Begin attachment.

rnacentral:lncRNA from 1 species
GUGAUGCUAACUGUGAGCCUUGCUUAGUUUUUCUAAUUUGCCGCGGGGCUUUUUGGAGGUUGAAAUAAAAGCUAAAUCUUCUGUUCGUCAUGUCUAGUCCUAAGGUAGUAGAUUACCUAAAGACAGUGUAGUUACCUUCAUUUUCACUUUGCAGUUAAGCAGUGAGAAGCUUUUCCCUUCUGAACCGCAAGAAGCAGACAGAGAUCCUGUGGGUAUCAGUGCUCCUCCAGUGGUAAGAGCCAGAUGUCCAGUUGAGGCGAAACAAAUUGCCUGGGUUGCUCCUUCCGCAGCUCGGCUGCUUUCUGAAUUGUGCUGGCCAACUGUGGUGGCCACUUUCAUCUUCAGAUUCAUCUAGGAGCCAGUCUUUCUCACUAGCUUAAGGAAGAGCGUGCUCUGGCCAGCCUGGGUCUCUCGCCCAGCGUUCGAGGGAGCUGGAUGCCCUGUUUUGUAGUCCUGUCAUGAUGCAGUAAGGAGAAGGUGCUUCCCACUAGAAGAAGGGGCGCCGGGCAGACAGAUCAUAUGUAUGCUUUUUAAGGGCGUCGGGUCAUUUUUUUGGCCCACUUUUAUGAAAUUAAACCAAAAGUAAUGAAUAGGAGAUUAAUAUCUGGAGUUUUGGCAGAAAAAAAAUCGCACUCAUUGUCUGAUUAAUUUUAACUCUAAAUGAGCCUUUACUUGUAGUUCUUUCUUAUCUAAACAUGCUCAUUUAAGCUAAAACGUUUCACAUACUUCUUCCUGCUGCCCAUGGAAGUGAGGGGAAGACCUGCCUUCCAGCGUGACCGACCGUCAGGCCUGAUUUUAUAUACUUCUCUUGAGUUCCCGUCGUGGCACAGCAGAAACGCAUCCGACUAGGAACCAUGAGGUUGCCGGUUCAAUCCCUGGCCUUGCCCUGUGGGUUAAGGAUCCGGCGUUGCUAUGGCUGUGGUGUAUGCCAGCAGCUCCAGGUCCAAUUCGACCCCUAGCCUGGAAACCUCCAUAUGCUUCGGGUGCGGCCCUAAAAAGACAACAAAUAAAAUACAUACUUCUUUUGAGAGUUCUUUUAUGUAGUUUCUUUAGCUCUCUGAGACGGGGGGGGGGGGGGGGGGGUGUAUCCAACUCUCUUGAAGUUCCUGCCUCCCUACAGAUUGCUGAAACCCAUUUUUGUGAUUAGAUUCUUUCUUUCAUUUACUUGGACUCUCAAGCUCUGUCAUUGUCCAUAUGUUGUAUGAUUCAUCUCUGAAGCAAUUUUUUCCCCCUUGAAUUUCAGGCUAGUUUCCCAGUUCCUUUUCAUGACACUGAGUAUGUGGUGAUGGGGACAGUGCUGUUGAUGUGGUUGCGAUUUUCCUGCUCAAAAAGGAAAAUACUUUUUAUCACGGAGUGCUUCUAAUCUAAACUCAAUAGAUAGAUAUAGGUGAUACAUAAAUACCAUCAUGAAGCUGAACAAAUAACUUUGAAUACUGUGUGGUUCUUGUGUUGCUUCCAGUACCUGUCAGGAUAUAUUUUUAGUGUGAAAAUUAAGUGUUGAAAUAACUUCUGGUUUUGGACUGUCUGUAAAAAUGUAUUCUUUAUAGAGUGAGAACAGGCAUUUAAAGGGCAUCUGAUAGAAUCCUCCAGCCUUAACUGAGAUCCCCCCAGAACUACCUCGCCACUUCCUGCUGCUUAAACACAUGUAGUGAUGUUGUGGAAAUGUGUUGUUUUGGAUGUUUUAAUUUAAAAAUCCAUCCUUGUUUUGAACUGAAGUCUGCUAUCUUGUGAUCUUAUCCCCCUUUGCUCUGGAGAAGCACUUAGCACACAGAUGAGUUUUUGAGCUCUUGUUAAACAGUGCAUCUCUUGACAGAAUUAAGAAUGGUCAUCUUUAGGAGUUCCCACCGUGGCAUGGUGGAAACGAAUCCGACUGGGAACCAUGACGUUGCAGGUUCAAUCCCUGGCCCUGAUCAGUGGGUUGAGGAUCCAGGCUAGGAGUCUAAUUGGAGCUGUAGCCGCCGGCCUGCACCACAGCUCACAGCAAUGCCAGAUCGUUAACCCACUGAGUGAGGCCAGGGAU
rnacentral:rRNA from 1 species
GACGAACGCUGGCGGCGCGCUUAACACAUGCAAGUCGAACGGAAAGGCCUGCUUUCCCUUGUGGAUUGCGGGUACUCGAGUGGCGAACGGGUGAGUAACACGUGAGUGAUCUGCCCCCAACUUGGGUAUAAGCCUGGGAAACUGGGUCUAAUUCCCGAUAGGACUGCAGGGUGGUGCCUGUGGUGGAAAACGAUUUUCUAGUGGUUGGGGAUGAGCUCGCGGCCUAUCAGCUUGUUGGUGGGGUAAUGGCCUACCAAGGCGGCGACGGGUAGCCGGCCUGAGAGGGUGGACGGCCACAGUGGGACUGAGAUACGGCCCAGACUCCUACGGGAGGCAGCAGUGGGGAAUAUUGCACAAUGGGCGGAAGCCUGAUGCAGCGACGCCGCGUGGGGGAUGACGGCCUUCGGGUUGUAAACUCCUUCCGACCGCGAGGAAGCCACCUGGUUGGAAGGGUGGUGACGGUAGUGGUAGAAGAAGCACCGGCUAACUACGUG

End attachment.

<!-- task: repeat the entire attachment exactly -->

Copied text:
rnacentral:lncRNA from 1 species
GUGAUGCUAACUGUGAGCCUUGCUUAGUUUUUCUAAUUUGCCGCGGGGCUUUUUGGAGGUUGAAAUAAAAGCUAAAUCUUCUGUUCGUCAUGUCUAGUCCUAAGGUAGUAGAUUACCUAAAGACAGUGUAGUUACCUUCAUUUUCACUUUGCAGUUAAGCAGUGAGAAGCUUUUCCCUUCUGAACCGCAAGAAGCAGACAGAGAUCCUGUGGGUAUCAGUGCUCCUCCAGUGGUAAGAGCCAGAUGUCCAGUUGAGGCGAAACAAAUUGCCUGGGUUGCUCCUUCCGCAGCUCGGCUGCUUUCUGAAUUGUGCUGGCCAACUGUGGUGGCCACUUUCAUCUUCAGAUUCAUCUAGGAGCCAGUCUUUCUCACUAGCUUAAGGAAGAGCGUGCUCUGGCCAGCCUGGGUCUCUCGCCCAGCGUUCGAGGGAGCUGGAUGCCCUGUUUUGUAGUCCUGUCAUGAUGCAGUAAGGAGAAGGUGCUUCCCACUAGAAGAAGGGGCGCCGGGCAGACAGAUCAUAUGUAUGCUUUUUAAGGGCGUCGGGUCAUUUUUUUGGCCCACUUUUAUGAAAUUAAACCAAAAGUAAUGAAUAGGAGAUUAAUAUCUGGAGUUUUGGCAGAAAAAAAAUCGCACUCAUUGUCUGAUUAAUUUUAACUCUAAAUGAGCCUUUACUUGUAGUUCUUUCUUAUCUAAACAUGCUCAUUUAAGCUAAAACGUUUCACAUACUUCUUCCUGCUGCCCAUGGAAGUGAGGGGAAGACCUGCCUUCCAGCGUGACCGACCGUCAGGCCUGAUUUUAUAUACUUCUCUUGAGUUCCCGUCGUGGCACAGCAGAAACGCAUCCGACUAGGAACCAUGAGGUUGCCGGUUCAAUCCCUGGCCUUGCCCUGUGGGUUAAGGAUCCGGCGUUGCUAUGGCUGUGGUGUAUGCCAGCAGCUCCAGGUCCAAUUCGACCCCUAGCCUGGAAACCUCCAUAUGCUUCGGGUGCGGCCCUAAAAAGACAACAAAUAAAAUACAUACUUCUUUUGAGAGUUCUUUUAUGUAGUUUCUUUAGCUCUCUGAGACGGGGGGGGGGGGGGGGGGGUGUAUCCAACUCUCUUGAAGUUCCUGCCUCCCUACAGAUUGCUGAAACCCAUUUUUGUGAUUAGAUUCUUUCUUUCAUUUACUUGGACUCUCAAGCUCUGUCAUUGUCCAUAUGUUGUAUGAUUCAUCUCUGAAGCAAUUUUUUCCCCCUUGAAUUUCAGGCUAGUUUCCCAGUUCCUUUUCAUGACACUGAGUAUGUGGUGAUGGGGACAGUGCUGUUGAUGUGGUUGCGAUUUUCCUGCUCAAAAAGGAAAAUACUUUUUAUCACGGAGUGCUUCUAAUCUAAACUCAAUAGAUAGAUAUAGGUGAUACAUAAAUACCAUCAUGAAGCUGAACAAAUAACUUUGAAUACUGUGUGGUUCUUGUGUUGCUUCCAGUACCUGUCAGGAUAUAUUUUUAGUGUGAAAAUUAAGUGUUGAAAUAACUUCUGGUUUUGGACUGUCUGUAAAAAUGUAUUCUUUAUAGAGUGAGAACAGGCAUUUAAAGGGCAUCUGAUAGAAUCCUCCAGCCUUAACUGAGAUCCCCCCAGAACUACCUCGCCACUUCCUGCUGCUUAAACACAUGUAGUGAUGUUGUGGAAAUGUGUUGUUUUGGAUGUUUUAAUUUAAAAAUCCAUCCUUGUUUUGAACUGAAGUCUGCUAUCUUGUGAUCUUAUCCCCCUUUGCUCUGGAGAAGCACUUAGCACACAGAUGAGUUUUUGAGCUCUUGUUAAACAGUGCAUCUCUUGACAGAAUUAAGAAUGGUCAUCUUUAGGAGUUCCCACCGUGGCAUGGUGGAAACGAAUCCGACUGGGAACCAUGACGUUGCAGGUUCAAUCCCUGGCCCUGAUCAGUGGGUUGAGGAUCCAGGCUAGGAGUCUAAUUGGAGCUGUAGCCGCCGGCCUGCACCACAGCUCACAGCAAUGCCAGAUCGUUAACCCACUGAGUGAGGCCAGGGAU
rnacentral:rRNA from 1 species
GACGAACGCUGGCGGCGCGCUUAACACAUGCAAGUCGAACGGAAAGGCCUGCUUUCCCUUGUGGAUUGCGGGUACUCGAGUGGCGAACGGGUGAGUAACACGUGAGUGAUCUGCCCCCAACUUGGGUAUAAGCCUGGGAAACUGGGUCUAAUUCCCGAUAGGACUGCAGGGUGGUGCCUGUGGUGGAAAACGAUUUUCUAGUGGUUGGGGAUGAGCUCGCGGCCUAUCAGCUUGUUGGUGGGGUAAUGGCCUACCAAGGCGGCGACGGGUAGCCGGCCUGAGAGGGUGGACGGCCACAGUGGGACUGAGAUACGGCCCAGACUCCUACGGGAGGCAGCAGUGGGGAAUAUUGCACAAUGGGCGGAAGCCUGAUGCAGCGACGCCGCGUGGGGGAUGACGGCCUUCGGGUUGUAAACUCCUUCCGACCGCGAGGAAGCCACCUGGUUGGAAGGGUGGUGACGGUAGUGGUAGAAGAAGCACCGGCUAACUACGUG